Dear Capitol Hill Public Schools Parent Organization Members,
Wanted to remind everyone that Hansuel Kang, the Director of the Office of the State Superintendent of Education’s (OSSE) will attend the February 21 CHPSPO meeting (6:30 pm at Capitol Hill Montessori@Logan, 215 G Street, NE) to discuss the accountability framework OSSE is proposing to use for measuring academic progress and school quality under the Every Student Succeeds Act (ESSA). Several CHPSPO members testified at the February 14 Education Committee hearing on concerns with the proposed accountability framework. It is important that principals, teachers, and parents attend the February 21 CHPSPO meeting to share your perspectives on the accountability framework as this will guide how our schools are evaluated for the next ten years. Please share this information with your school communities.
OSSE will also hold a Ward 6 meeting on February 27 from 6 – 8 pm at the Capitol Hill Arts Workshop (545 7th Street, SE) to discuss the proposed accountability framework.
Capitol Hill Public School Parents Organization
Parents 4 Public Schools… Join the conversation
Thank you for holding this hearing and for the opportunity to weigh in on OSSE’s work to develop new school accountability measures under ESSA. OSSE has an important opportunity to shape a stronger accountability and school support system through the new federal ESSA law that will drive what our students learn and how and where they are taught for the next ten years.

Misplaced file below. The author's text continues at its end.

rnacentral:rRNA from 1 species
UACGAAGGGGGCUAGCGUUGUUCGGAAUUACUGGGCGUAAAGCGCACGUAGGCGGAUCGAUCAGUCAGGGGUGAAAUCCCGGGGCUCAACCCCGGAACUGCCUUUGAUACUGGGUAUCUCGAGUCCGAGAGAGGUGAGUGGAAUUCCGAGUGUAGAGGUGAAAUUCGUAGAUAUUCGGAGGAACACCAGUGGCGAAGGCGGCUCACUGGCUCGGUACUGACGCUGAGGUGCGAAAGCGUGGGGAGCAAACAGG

OSSE’s current proposal, which keeps test scores at 80% of a school’s rating will repeat many of the same failures and negative impacts of NCLB, which over the last ten years did nothing to close the achievement gap and arguably has led to greater segregation of our schools and a narrowing of our children’s academic opportunities.
I urge OSSE to not rush into a final plan by April 3rd, and instead to wait until the second submission window in September, and I urge OSSE to use ESSA’s flexibility to create school “Dashboards” rather than “Ratings.”
Submit Accountability Proposal in September, not April
Three critical reasons to submit proposal in September:
- Take the time to gain maximum engagement from parents, educators and other stakeholders. Parents are just beginning to understand the draft plan and its impact and want more opportunity to discuss and give input to the plan. This plan is complicated and there needs to be robust discussion of its potential impacts.
- Take the time to work with a variety of experts on various aspects of the plan from what is best for English language learners (ELs) and students with disabilities to what are the best indicators of school success in addition to testing that are valid, reliable and can be disaggregated and differentiated.
- Give Chancellor Wilson an authentic opportunity to weigh in. It is unreasonable that Chancellor Wilson will not have a significant hand in shaping the new plan that he will be responsible for implementing for 49,000 students. We parents will hold him accountable for DCPS’s success. He deserves the chance to have a say in how it will be judged. OSSE released its draft plan just as the Chancellor came on board and it will be final just two months later. Chancellor Wilson needs time to understand and hear from DCPS’s 109 school leaders and educators, 8 ward education councils, numerous nonprofit partners, and tens of thousands of parents.